Judge rules commissioners can make no final decision on Prehm Ranch for now
The Garfield County Board of Commissioners were served with a temporary restraining order Wednesday at the request of the developers of Prehm Ranch.
Marlin Colorado Ltd., which is developing a fishing resort subdivision between Westbank and the Glenwood Springs Airport, obtained the order from Judge Thomas Ossola.
The order limits what action the commissioners can take following a public hearing set for 10:15 a.m. Monday, Aug. 19, regarding road access between Prehm Ranch and Westbank.
In an ongoing dispute, the developers of Prehm Ranch and the commissioners have repeatedly found themselves on opposite sides of the courtroom. In September 2001, Marlin constructed the road to Westbank without receiving required county approvals.
The road allows Prehm Ranch residents access to Highway 82 through Westbank, a move that angers some Westbank residents because of the possibility of increased traffic.
At an April 8 court hearing, commissioners approved by a 2-1 vote a settlement to give Marlin limited use access. A locked gate would restrict use of the private road to a total of 27 cars per day. Only authorized drivers would receive key codes for the gate.
However, that settlement has yet to be signed, and opponents to the settlement are now urging the commissioners to reconsider their decision.
In addition, a new issue – the designation of a public hiking and biking access ultimately linking Carbondale to Glenwood Springs – is hotly contested.
The commissioners earlier indicated to Marlin that the county would vacate the public easement.
Commissioners scheduled a public hearing on Aug. 19 to continue these discussions in an open forum and possibly make a final vote on the easement.
But less than a week before the hearing, Marlin attorney Rick Neilly asked Ossola to prevent the hearing from taking place.
According to Ossola’s written order following the court hearing on Wednesday, Neiley argued that the commissioners “breached an agreement among the parties to settle the issues in this lawsuit by failing to sign the resolution vacating the easements.”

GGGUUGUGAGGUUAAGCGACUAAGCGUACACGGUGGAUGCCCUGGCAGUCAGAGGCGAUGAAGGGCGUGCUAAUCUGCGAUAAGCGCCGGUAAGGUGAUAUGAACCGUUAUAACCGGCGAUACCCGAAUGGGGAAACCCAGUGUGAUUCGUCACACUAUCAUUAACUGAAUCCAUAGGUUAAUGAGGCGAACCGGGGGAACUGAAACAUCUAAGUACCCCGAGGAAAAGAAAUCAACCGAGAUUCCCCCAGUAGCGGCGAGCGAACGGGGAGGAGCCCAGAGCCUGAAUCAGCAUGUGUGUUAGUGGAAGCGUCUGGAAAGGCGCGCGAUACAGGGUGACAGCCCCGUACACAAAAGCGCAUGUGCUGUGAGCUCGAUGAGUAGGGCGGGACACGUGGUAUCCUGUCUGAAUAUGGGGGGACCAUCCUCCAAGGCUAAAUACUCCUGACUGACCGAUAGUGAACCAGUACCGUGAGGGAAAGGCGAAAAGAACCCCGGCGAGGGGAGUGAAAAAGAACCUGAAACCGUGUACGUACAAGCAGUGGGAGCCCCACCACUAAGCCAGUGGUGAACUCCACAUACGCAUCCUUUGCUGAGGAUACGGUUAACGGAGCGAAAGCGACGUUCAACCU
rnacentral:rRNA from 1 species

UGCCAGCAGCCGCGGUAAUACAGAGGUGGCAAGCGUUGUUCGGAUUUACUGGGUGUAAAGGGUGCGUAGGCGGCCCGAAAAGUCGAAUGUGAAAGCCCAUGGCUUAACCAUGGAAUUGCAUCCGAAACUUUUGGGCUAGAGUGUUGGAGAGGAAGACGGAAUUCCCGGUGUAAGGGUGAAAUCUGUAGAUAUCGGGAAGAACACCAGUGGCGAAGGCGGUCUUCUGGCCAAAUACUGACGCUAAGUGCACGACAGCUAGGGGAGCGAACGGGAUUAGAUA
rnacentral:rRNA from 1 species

However, the commissioners countered that the resolution was not final, and that they were “free to open up the hearing on Aug. 19 and take further evidence on the matter,” stated Ossola’s order.
On Wednesday, both parties were able to agree to maintain the status quo on the public hearing, albeit with special stipulations.
“This court allow(s) the public hearing to proceed as scheduled but … no decision taken at the hearing would be final until this Court ha(s) the opportunity to conduct a full and complete hearing on the issues raised by (Marlin’s) motion to enforce the settlement,” Ossola’s order stated.
This means that the Garfield County Board of Commissioners will be able to hold a hearing Aug. 19, but no final action on the issues in question can be taken at that time. Commissioners will have to wait until the temporary restraining order has been lifted regarding the Prehm Ranch easement on Aug. 24, or a hearing is held by Ossola.
There is one catch. Ossola’s ruling states that if the commissioners vote to sign the resolution vacating the easements, as Marlin Colorado is requesting, its motion to enforce settlement and the restraining order would be moot.
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